A question for the esteemed Doctor
3 Replies
effelove - October 9

Dear Dr. Smith,
My husband and I have 11 frozen embryos that were frozen at the 2PN stage. They are 28 year old embryos and have been stored for 8 years. The time has come to proceed with our dreams of creating a family, and we have an experiences surro, 38 years old who has twice given birth as a surro, and has 3 children of her own.
I am concerned because from what I can determine with my limited knowledge, it appears that embryos frozen at 3 or 5 days is preferable? I asked the nurse at the University of Pennsylvania Hospital if the 2PN stage is less desirable than the others, she said they prefer the 2PN stage for freezing. I was told that the embryos are all very high quality although I dont know the grade assigned them. I just wanted some feedback, and also would our chances be much better with a GS who is younger than 38 (turned 38 in August). She has delivered all of her children by cesarian, and I also know that vaginal births are preferred. Thank you for taking the time to give me any thoughts on my concerns.


Dr Smith - October 10

Esteemed? Who me? I don't think so. But thanks for the compliment anyway.

Freezing embryos at the 2PN stage (embryologist shorthand for a fertilized egg or zygote) is very successful. 2PN embryos survive the freezing and thawing process very well. No worries there. However, there's no way to determine their developmental competence at the 2PN stage. They need to be cultured for an additional period of time to assess their developmental ability. Of course, I would recommend culturing the embryos to the blastocyst stage, but that is problematic. How many do you thaw to get two blastocysts? Hmm. That's a tough call. Most programs thaw around 3-4 and culture them for an additional 2 days (Day 3 of embryonic development). By this point, embryos with good developmental potential should have reached the 8-cell stage. Then transfer the 2-3 best ones.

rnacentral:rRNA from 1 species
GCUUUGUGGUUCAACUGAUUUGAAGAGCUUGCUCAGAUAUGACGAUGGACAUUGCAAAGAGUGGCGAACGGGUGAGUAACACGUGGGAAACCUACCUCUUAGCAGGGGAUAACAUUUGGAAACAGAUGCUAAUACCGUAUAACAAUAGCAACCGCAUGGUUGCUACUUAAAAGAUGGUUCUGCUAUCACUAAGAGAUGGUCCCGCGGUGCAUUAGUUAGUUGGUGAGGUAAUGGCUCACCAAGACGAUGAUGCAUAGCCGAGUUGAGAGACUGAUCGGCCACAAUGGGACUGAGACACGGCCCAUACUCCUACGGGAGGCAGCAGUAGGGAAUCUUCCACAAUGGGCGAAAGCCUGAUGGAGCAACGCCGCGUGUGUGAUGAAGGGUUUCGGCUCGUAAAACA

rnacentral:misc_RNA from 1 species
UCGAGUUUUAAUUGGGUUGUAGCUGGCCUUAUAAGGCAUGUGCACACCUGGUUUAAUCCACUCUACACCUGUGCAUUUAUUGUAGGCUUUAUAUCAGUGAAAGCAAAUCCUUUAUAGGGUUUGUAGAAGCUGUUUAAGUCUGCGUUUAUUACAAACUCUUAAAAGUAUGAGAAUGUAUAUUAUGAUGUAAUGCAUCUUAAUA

The uterus does not age the same way the ovaries/eggs do. At 38, there should be no problem with multiparus gestational surrogate. As far as the cesarian section issue, I would defer to an OB/Gyn. They'd have a better handle on that question.


effelove - October 10

Dear Dr. Smith,
Thank you for your response to my question. Your response is extremely comforting. You are so kind and generous to spend what must amount to hours upon hours of your time, helping others. You are obviously a very special person and yes, an esteemed doctor!
Thanks a bunch :-*
Oh, 1 more question does come to mind. What are the latest stats on success given our embryos (created when we were both 28), frozen at the 2pn stage, and our 2 time proven carrier age 38? If you tell me that you think that we are safe to be optomistic about a baby entering our lives in the near future I may shoot through the roof with excitement. We realize there are no guarantees, we just want some good odds, we are gamblers after all (ya know, lil poker here and there). I have researched data from 2002, but I would hope the stats have increased since then.
Very Appreciatively Yours,


Dr Smith - October 11

I think you have every reason to be optimistic. Embryos created when you were 28 should have excellent developmental potential and it is very likely that the vast majority of the embryos will survive the thawing process. The fact that they've been frozen for 8 years does not enter into the equation. Frozen embryos do age while frozen and do not experience "freezer burn". A word of caution: don't overdo it and transfer too many embryos and put the surrogate at risk. My advice - as many kids as you like, one at a time. I'd say you should consider a maximum of two 8-cell embryos the first time.

I would [i]GUESS[/i], based on current ART stats, you could expect around a 40% chance of a term pregnancy on this first attempt. Maybe a little higher...

Best of luck.



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